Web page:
Accessory To His Death
Accessory To His Death
Jeffrey stood out from the rest of us. His skin was a lot whiter for one thing. A lot whiter because he came from one of those really white-skinned families that moved here from the mid-west or someplace like that. Some place where people only came in the palest shades of white, so translucent that you could see the blue veins peeking through. Jeffrey’s round freckled face and his plump little legs in his plaid madras or seersucker shorts, burned a deep scarlet any time the sun fought its way through the smog and burned down on the pavement near downtown Los Angeles.
It was around 1959, I think. So, we were all around eight or nine years old, a raggedy group of kids that played in the street, about six of us. Our families were Mexican or Asian, or Russian Jews, because they were the people that settled in this area then. Or else, we were some combination of the two races or a mixture of all of them. One of the boys was African American. He was a better pitcher than I was, but I ran faster and climbed higher. I remember him later in high school because he said he was proud that he was the only one in his class that wasn’t some crazy mix of races.
Skin color was only one reason why Jeffrey stood out. Besides that, there was the fact he was always dressed in an immaculate short-sleeved summer shirt, and clean new tennis shoes. His hair was nicely cut; a crew cut. He said his mother took him for a haircut every few weeks. I don’t think we believed that was a fact. Who had enough money to do that? Still, his hair never grew more than a half inch from his scalp, and it stuck straight up. His mother cut his fingernails every few days he said. That I believed.
I was the only girl in that group of boys. I liked hanging around with the boys because they only did things that were fun. I didn’t play with girls. They were boring. They only played house or with dolls and I never had a doll. Just to make the point, I said I didn’t want one either. The boys didn’t have much in the way of toys themselves. But one of them usually had a baseball, maybe a bat too. One kid had some little plastic soldiers. That’s what I remember.
We found ways to play without toys. We made stuff up; games that usually involved running through the neighborhood, exploring, hiding, playing tag. Playing follow the leader. I don’t remember who invented the game; Walk the Plank.” I guess it was one of the boys who saw a pirate movie on television. It wasn’t me. We didn’t have a television.
It was a simple game. You rigged a board between the roofs of two buildings and whoever got tagged “it,” had to walk across. Of course, we usually all ended up making the walk, just to show we weren’t chicken. When it was a game of daring like this one, I was always the leader. I had to show I wasn’t afraid of anything. My social life in those days depended on it.
It wasn’t always easy finding a board that was long enough. We didn’t worry about how wide it was. Any board that would reach across from the roof of one building to the other would do. Because our feet were small, they fit foot over foot on any board we used, and that’s how we walked across. We made sure there were enough of us to drag it from the houses that were being demolished on Sunset or maybe on one of the side streets. They were tearing down a lot of the gingerbread Victorians then or else moving them out of the neighborhood. We’d stand around waiting as they loaded half a house on a long flatbed truck and drove it away down the street. Once the truck pulled out of sight we all ran yelling and screaming on the empty gaping space looking for left-over wood.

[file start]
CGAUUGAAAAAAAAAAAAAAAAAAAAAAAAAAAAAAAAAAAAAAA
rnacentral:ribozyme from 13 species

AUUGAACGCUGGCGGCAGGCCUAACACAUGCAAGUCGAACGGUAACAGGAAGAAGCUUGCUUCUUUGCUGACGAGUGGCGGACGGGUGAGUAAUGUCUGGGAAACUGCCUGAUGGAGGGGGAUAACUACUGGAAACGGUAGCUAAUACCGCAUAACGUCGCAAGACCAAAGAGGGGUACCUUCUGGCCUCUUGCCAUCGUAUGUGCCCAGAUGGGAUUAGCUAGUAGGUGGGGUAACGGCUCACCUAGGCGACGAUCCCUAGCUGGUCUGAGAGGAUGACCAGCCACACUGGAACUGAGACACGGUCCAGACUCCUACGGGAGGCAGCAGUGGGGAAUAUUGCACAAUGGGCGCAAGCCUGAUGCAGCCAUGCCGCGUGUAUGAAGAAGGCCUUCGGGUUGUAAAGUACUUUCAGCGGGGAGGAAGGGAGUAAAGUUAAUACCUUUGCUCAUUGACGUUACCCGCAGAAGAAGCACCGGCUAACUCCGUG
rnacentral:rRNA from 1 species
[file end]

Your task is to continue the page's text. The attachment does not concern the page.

Jeffrey usually followed us if he wasn’t kept inside to watch television or practice writing his numbers. He huffed along behind us, trying his best to keep up. It wasn’t easy, he was more than just chubby for an eight-year-old. To us he looked almost as wide as he was tall. His face was bright red from the exertion all the way down to the roots of his blond hair that his mother checked fifty times a day, ever since she found out that a lot of us had ringworm and scabies. Jeffrey kept yelling for us, “to wait.” But we never did. It was funny to watch him running behind us, his chubby legs flying in all directions, his clean white shirt all caked with dirt and his short pants straining across his fat little stomach.
Jeffrey always wore shoes, nice tennis shoes. His mother bought them at the May Co, or maybe at Bullock’s. Elegant and intimidating department stores on Hill street. We knew where they were. When it rained and the gutters flooded we sailed our little boats made of newspaper along the curb right in front of the stores. At Christmas time, we lined up in front of the big display windows; a fairyland, where elves moved hurriedly among the displays assembling trains and dolls in a magical and unreal world awash with Christmas. We knew Santa was in there, seated on his red and white furry throne. We’d watched him finish suiting up in the back alley. When he finished dressing, he’d pull out a small silver bottle. Then he’d tip back his head and pour whatever was inside down his throat.